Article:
|Title||Strengthening delivery of health services using digital devices.|
|Publication Type||Journal Article|
|Authors||Orton M, Agarwal S, Muhoza P, Vasudevan L, Vu A|
|Abbrev. Journal||Glob Health Sci Pract|
|Journal||Global health, science and practice|
|Year of Publication||2018|
|Keywords||Delivery of Health Care, Developing countries, Humans, Randomized Controlled Trials as Topic, Telemedicine|
BACKGROUND: Delivery of high-quality efficient health services is a cornerstone of the global agenda to achieve universal health coverage. According to the World Health Organization, health service delivery is considered good when equitable access to a comprehensive range of high-quality health services is ensured within an integrated and person-centered continuum of care. However, good health service delivery can be challenging in low-resource settings. In this review, we summarize and discuss key advances in health service delivery, particularly in the context of using digital health strategies for mitigating human resource constraints.
METHODS: The review updates the foundational systematic review conducted by Agarwal et al. in 2015. We used PubMed, EMBASE, and CINAHL to find relevant English-language peer-reviewed articles published 2018. Our search strategy for MEDLINE was based on MeSH (medical subject headings) terms and text words of key articles that we identified a priori. Our search identified 92 articles. After screening, we selected 24 articles for abstract review, of which only 6 met the eligibility criteria and were ultimately included in this review.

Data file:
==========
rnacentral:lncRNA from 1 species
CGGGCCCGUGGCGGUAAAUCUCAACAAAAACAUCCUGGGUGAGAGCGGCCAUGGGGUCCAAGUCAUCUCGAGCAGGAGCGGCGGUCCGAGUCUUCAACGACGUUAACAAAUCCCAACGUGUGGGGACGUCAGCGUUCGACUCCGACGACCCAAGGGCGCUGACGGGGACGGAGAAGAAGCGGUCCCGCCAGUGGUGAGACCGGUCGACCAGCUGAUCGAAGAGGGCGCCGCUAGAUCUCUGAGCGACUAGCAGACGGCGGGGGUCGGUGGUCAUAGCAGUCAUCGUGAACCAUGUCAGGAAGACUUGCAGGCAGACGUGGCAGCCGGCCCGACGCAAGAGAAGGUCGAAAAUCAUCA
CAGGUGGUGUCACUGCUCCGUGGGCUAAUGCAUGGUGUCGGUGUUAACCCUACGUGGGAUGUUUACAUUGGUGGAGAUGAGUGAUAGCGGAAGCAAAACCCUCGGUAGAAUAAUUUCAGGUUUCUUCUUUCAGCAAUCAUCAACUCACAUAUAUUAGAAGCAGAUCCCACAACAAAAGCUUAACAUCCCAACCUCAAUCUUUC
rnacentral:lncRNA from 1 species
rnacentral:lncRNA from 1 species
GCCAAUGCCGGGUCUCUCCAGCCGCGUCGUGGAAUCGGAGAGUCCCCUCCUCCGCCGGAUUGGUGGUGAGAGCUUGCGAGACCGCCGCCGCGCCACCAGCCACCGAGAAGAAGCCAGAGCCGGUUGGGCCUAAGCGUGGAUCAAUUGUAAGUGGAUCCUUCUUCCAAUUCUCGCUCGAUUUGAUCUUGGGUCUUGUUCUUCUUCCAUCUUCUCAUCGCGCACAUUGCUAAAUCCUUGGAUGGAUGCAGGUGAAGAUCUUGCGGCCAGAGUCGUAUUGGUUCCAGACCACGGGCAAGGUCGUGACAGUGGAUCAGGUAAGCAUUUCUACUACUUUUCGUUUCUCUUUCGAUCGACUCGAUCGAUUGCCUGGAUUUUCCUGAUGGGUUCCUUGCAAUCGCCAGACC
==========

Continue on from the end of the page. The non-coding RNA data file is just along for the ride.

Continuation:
RESULTS: Despite encouraging advances in the evidence base on digital strategies for health service delivery, the current body of evidence is still quite limited in 3 main areas: the effectiveness of interventions on health outcomes, improvement in health system efficiencies for service delivery, and the human capacity required to implement and support digital health strategies at scale. Two particular areas, digital health-enhanced referral coordination and mobile clinical decision support systems, demonstrate considerable potential to improve the quality and comprehensiveness of care received by patients, but they require a greater level of standardization and an expanded scope of health worker engagement across the health system in order to scale them up effectively.
CONCLUSIONS: Additional research is urgently needed to inform the effectiveness of interventions on health outcomes, improvement in health system efficiencies, and cost-effectiveness of service delivery. In particular, more documentation and research on ways to standardize and engage health workers in digital referral and clinical decision support systems can provide the foundation needed to scale these promising approaches in low- and middle-income settings.
|Link to full text||https://www.ncbi.nlm.nih.gov/pmc/articles/PMC6203413/pdf/S61.pdf|
|PubMed Central ID||PMC6203413|
|Grant List||KL2 TR002554 / TR / NCATS NIH HHS / United States|